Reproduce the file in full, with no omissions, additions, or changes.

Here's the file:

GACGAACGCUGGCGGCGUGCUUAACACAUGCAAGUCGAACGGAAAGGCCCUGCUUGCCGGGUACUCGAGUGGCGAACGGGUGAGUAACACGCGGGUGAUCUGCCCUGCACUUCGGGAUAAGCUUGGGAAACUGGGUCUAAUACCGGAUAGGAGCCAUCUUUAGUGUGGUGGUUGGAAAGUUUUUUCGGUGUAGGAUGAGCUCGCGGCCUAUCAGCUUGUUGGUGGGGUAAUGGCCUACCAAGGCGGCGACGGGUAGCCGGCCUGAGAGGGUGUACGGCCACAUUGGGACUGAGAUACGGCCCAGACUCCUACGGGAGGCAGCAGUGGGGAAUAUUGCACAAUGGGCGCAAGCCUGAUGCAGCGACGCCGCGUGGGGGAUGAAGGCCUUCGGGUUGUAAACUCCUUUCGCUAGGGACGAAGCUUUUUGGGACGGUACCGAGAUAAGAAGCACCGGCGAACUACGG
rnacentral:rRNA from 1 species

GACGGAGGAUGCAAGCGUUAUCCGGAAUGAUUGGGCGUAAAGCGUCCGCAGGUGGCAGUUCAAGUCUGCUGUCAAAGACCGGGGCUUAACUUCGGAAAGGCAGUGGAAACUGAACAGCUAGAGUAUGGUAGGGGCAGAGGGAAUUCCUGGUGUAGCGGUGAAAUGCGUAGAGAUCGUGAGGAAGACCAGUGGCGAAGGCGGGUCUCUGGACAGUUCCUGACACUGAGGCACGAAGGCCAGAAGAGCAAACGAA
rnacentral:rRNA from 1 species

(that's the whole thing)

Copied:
GACGAACGCUGGCGGCGUGCUUAACACAUGCAAGUCGAACGGAAAGGCCCUGCUUGCCGGGUACUCGAGUGGCGAACGGGUGAGUAACACGCGGGUGAUCUGCCCUGCACUUCGGGAUAAGCUUGGGAAACUGGGUCUAAUACCGGAUAGGAGCCAUCUUUAGUGUGGUGGUUGGAAAGUUUUUUCGGUGUAGGAUGAGCUCGCGGCCUAUCAGCUUGUUGGUGGGGUAAUGGCCUACCAAGGCGGCGACGGGUAGCCGGCCUGAGAGGGUGUACGGCCACAUUGGGACUGAGAUACGGCCCAGACUCCUACGGGAGGCAGCAGUGGGGAAUAUUGCACAAUGGGCGCAAGCCUGAUGCAGCGACGCCGCGUGGGGGAUGAAGGCCUUCGGGUUGUAAACUCCUUUCGCUAGGGACGAAGCUUUUUGGGACGGUACCGAGAUAAGAAGCACCGGCGAACUACGG
rnacentral:rRNA from 1 species

GACGGAGGAUGCAAGCGUUAUCCGGAAUGAUUGGGCGUAAAGCGUCCGCAGGUGGCAGUUCAAGUCUGCUGUCAAAGACCGGGGCUUAACUUCGGAAAGGCAGUGGAAACUGAACAGCUAGAGUAUGGUAGGGGCAGAGGGAAUUCCUGGUGUAGCGGUGAAAUGCGUAGAGAUCGUGAGGAAGACCAGUGGCGAAGGCGGGUCUCUGGACAGUUCCUGACACUGAGGCACGAAGGCCAGAAGAGCAAACGAA
rnacentral:rRNA from 1 species